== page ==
TALK TO YOUR SCHOOL BOARD REP: For the first time since the Seattle School Board approved major changes and closures, West Seattle’s board rep Steve Sundquist will hold one of his regular coffee hours, to talk with, and listen to, anyone interested in education issues (and there are lots more on the horizon, like the start-time changes we mentioned last weekend). 9 am, Coffee to a Tea in The Junction.
HEAR FROM YOUR CITY COUNCIL PRESIDENT: Richard Conlin is one of the guests scheduled for tonight’s meeting of the Delridge Neighborhoods District Council, 7 pm, Youngstown Arts Center. The latest on the Alaskan Way Viaduct/Tunnel project also is on the agenda.
FAUNTLEROY NEIGHBORS UNITE: 6:30 pm at the Fauntleroy Church Fellowship Hall, it’s the all-neighborhood meeting organized by the Fauntleroy Community Association to share updates on issues including Washington State Ferries‘ future and the in-progress purchase of the Fauntleroy Schoolhouse.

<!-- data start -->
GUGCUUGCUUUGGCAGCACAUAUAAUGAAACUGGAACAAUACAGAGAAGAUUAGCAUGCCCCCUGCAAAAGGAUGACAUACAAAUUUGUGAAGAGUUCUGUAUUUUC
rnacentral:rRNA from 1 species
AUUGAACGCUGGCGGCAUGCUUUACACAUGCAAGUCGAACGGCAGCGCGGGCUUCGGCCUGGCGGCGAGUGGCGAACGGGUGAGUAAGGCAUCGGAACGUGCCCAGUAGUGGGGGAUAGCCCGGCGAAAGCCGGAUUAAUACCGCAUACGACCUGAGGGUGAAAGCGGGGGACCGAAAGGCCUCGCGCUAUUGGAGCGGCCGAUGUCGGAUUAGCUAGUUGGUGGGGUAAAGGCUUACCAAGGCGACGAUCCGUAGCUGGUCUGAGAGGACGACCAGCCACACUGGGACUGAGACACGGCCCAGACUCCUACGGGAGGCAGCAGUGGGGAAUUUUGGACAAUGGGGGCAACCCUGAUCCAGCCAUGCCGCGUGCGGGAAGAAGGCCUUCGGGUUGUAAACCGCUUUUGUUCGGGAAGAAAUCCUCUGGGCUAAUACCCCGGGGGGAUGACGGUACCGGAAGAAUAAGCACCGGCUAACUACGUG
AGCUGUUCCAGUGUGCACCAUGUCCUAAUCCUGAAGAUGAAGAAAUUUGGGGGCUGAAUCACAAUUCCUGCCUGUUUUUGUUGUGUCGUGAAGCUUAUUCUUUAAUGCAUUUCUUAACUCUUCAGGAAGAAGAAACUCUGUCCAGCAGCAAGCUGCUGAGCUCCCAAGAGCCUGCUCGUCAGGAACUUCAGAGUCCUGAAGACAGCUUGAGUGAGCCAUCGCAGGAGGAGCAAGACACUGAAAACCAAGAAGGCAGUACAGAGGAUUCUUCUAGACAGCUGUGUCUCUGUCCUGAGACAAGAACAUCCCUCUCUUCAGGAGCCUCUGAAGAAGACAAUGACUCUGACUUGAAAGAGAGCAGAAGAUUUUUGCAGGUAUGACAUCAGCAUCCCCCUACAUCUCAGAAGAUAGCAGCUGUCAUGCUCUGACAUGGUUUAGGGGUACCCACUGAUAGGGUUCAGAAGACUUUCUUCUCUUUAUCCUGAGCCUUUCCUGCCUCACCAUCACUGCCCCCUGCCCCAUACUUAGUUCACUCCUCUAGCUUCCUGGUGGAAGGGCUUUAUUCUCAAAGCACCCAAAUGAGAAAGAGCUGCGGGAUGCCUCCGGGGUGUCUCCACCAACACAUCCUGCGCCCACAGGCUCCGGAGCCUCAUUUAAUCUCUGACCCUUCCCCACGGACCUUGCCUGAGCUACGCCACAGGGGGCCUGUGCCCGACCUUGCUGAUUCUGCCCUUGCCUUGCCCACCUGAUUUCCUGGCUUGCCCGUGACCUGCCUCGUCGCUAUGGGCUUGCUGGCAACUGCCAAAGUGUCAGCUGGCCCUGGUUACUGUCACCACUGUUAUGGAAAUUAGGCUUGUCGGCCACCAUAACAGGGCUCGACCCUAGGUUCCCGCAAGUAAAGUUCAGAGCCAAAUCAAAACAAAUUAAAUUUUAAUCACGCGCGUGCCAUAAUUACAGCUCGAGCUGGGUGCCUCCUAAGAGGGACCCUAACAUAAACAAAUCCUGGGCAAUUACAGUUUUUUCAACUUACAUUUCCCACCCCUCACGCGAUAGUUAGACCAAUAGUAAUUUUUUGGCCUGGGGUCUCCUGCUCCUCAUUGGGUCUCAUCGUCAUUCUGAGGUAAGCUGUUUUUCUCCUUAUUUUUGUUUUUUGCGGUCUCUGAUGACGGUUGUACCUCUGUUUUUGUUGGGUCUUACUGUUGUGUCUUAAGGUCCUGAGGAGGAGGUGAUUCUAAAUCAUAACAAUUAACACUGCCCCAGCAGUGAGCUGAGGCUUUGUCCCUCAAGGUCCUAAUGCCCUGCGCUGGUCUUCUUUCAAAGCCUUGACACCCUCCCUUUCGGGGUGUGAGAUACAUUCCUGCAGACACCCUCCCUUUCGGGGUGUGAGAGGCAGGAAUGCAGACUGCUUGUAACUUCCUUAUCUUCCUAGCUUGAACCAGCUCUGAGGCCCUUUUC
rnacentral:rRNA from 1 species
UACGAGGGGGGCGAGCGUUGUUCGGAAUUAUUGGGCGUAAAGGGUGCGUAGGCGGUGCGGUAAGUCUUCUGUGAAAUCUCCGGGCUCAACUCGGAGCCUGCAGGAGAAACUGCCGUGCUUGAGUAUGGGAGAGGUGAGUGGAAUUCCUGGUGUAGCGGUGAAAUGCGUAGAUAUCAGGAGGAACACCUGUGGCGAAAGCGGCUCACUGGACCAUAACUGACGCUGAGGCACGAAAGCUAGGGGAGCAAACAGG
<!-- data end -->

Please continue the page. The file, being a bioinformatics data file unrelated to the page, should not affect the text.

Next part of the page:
From tonight’s West Seattle Crime Prevention Council meeting at the Southwest Precinct: As previewed earlier, the leader of SPD’s 911 center was the marquee guest, and the two-dozen-plus turnout was bigger than usual. What he had to say, coming up – but first, a few West Seattle crime notes: Overall, Lt. Steve Paulsen said, car prowls and burglaries jumped back up in January after a relatively quiet December, perhaps weather-related: 147 car prowls, more than 50 burglaries. But he also noted that police have no control over what happens after they’ve made an arrest, recapping the 14 burglary arrests made in the last couple months of the year – with 13 of those suspects back on the streets now. Meantime, the precinct is taking a new community-policing-focused tack with burglaries, having detectives call or visit all burglary victims who file reports, to follow up and to introduce themselves. One more crime note: Lt. Paulsen says last month’s stabbing incident near Riverview Playfield (covered here) was not random; some concerned neighbors were in attendance hoping to find out more about that. (And if you’re wondering, no new information about the unsolved shooting death of Steve Bushaw in The Junction on February 1st.) Now, on to the 911 explanation:Read More